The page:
Slow Food to Protect and Promote Two Historic Swiss Grape Varieties

27 Apr 2023 | English

Presidium launched for Canton Ticino’s

bondola and bondoletta

April 27, 2023


Grown in the Sopraceneri area of Ticino and the Mesolcina area of the Grisons, bondola and its close relation bondoletta are two native grape varieties for which Slow Food has now established a protective Presidium project.

“I’m very happy and proud to see the conclusion of almost two years of work,” said Claudio Poretti, the spokesperson for the Bondola Community and a member of the Slow Food Canton Ticino Convivium. “Creating a Slow Food Presidium was a process that led first to the formation of the Bondola Community, bringing together five producers, an agronomist, two Slow Food Alliance cooks and other stakeholders. After defining our common objectives, we drafted a protocol to ensure good, clean and fair wine production. In the coming years we want to give new impetus to bondola and bondoletta with various initiatives, including the planting of two new vineyards with bondola vine shoots by two of our producers.”

The support of Slow Food Switzerland throughout the process has been essential. Through the Ark of Taste and Presidium Commission, it closely followed every step, examining and approving the submitted documentation and visiting vineyards and wineries.

At the start of the 20th century, bondola was considered a variety with interesting enological qualities, and until the 1950s it was still playing an important role in Ticino’s wine production. Around 50% of production was red wine made from local varieties, the most predominant of which was bondola. But the gradual introduction of more profitable merlot that began in the 1920s eventually led to a significant decline in the native vines. Eventually only bondola and bondoletta were left as the only native varieties still being produced in Ticino. The two varieties now cover just 1.5% of the surface under vine. The rest of the region is dominated by just a few international varieties, principally merlot, which accounts for 82% of the wine-growing area.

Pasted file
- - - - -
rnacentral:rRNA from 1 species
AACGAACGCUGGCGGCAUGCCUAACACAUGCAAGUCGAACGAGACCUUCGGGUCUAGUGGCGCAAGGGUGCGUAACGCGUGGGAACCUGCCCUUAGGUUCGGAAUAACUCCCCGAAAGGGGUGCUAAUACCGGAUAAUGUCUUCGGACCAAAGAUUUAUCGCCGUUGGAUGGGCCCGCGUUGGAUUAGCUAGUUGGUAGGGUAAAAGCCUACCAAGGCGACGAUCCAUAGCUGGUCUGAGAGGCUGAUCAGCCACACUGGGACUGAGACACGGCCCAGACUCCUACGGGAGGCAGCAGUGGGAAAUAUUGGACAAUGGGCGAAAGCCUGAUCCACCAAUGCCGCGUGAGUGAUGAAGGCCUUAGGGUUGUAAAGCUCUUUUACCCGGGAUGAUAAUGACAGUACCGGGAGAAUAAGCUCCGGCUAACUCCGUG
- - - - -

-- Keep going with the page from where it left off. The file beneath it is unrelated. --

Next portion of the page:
The Ticino appellation includes single-variety bondola, while bondoletta is not mentioned specifically as it is considered directly related to bondola. Bondoletta is a very rare vine whose genetic analysis has shown that it is a cross between bondola and completer (a variety that originated in the Alpine arc, probably from the Valais and Grisons). DNA testing has revealed that bondola has no links to the typical varieties of northern Italy, but has the same genotype as briegler, another almost-extinct variety once grown in German-speaking Switzerland. The two varieties are included in the Pro Specie Rara catalog.

Only producers who make wine using 100% bondola and bondoletta grapes can join the Slow Food Presidium. The project’s members want to preserve quality production and safeguard a unique ecosystem, so they are committed to reducing the use of plant protection products and copper-based substances while moving towards organic production. They prioritize the use of recyclable, biodegradable and compostable materials to reduce the ecological impact of their packaging.

See the list of all Slow Food Presidia in Switzerland and all wine and grape variety Presidia in the world.

The Slow Food Presidium project supports quality food production at risk of extinction, protects unique places and ecosystems, revives traditional processing methods and safeguards native breeds and local plant varieties. Today, almost 650 Presidia involve over 14,000 producers around the world.

Slow Food International Press Office

Alessia Pautasso – [email protected] (+39) 342 8641029

Paola Nano – [email protected] (+39) 329 8321285


The Slow Food Movement is a global grassroots movement defending regional traditions, good food and biodiversity under the banner good, clean and fair: food of good quality, produced without harm to the environment and at a fair price to both producer and ‘co-producer,’ the consumer. The biodiversity projects, Ark of Taste and Presidia, are pivotal foundation stones of Slow Food.

Slow Food Ark of Taste is a virtual vessel with a very real purpose and online port of call. It catalogues the existence of endangered foods and associated food culture lest they are lost or forgotten forever. Not only is this a valuable register providing fascinating insights, it may also be our saviour one day, retaining genetic markers that, once gone, are irretrievable.

For a few products, where there are very special characteristics and above all a collaborative link with their community, they can be named a Presidium.

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